Continuing with our ‘Meet the State Graders’ series, we are excited to introduce another two of the gentlemen who are competing in the state’s highest level competition. This week we spoke to Matt Sanders and Christiaan Haseldonckx, both of whom hail from Cambridge Squash Club!
While Matt is a Perth boy, born and bred, Christiaan relocated to Perth from Belgium in 2008.
We asked them how they first got into squash. Matt shared, “my whole family played squash, my parents actually met at a squash centre! My Dad (Peter Sanders) played as a no. 1 in A Grade here in Perth back in the 70s, so I grew up around squash courts with my two older brothers”. While Matt was playing squash as soon as he could walk, Christiaan first got into squash at the age of 10 when he tagged along with his father and uncle. “I would pick up that heavy wooden racket with its slippery towel textured grip in between their games, and try to hit the ball to the front wall without clipping the floor”, Christiaan reminisced. A few years later, at the age of 14 years, Christiaan started to play in a club environment and hasn’t stopped since. “The game is just addictive!” he shared.
What does a typical week look like for Matt and Christiaan? Well Matt has a very full schedule, playing competitive squash and cricket, as well as cardio, strength and yoga sessions. He also has 3 ice baths (about 5 minutes each) and the odd massage if he gets a bit sore. Christiaan plays pennants two nights a week, as well as one training session. Further to this Christiaan also volunteers his time at the junior program at Leeming which operates on Friday afternoons.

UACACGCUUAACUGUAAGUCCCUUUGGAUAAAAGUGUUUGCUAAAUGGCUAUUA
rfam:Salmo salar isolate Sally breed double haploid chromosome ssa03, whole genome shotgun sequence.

We asked Matt and Christiaan what they love most about squash. Matt shared, “it’s just something I’ve always done – it’s never been something I’ve ever really chosen based on my love of the sport. I have loved the people I’ve met and the experiences I’ve had (like getting to captain the Australian junior team and spending a couple of years at the Australian Institute of Sport). Now that I’m older, I love the physicality of the sport – that it doesn’t allow you to get away with being lazy – you need to be fit and strong to win in State Grade, which is a big motivation to train”. Christiaan reflected, “Squash is just such a unique game with its extremely fast pace in a confined space, making the court appear bigger for your opponent as the ultimate goal. I love that squash is both such a great physical challenge as it is a mental chess game. You also can’t deny the social aspect of playing squash and the friendships it creates!”
Finally, we asked what advice they would impart on any junior currently travelling along the development pathway. Matt encourages juniors to, “work on the key foundations of your technique and game. There are always one or two (or sometimes more) things that will hold you back from reaching the next level. They may not be impacting you now, but they will. So get a coach (or coaches) that can identify what those things are, and work on them”. Christiaan feels that, “the most important thing for young players is to have fun most of all. Enjoy the feeling of the ball hitting that sweet spot of the racket, and the rest will follow. The best teacher I have found are your eyes – observing and analysing the higher ranked players is a great source for progressing your own game”.
Such great advice!! ❤️
Thank you so much for your time gentlemen!
With the Autumn season now coming to an end, we hope you’ve enjoyed the ‘Meet the State Graders’ series so far. The Preliminary Final will be taking place from 7pm on Thursday 20 April, followed by the Grand Final on 27 April, both at Squash WA HQ in Belmont. Spectators and cheer squads all welcome – see you there!!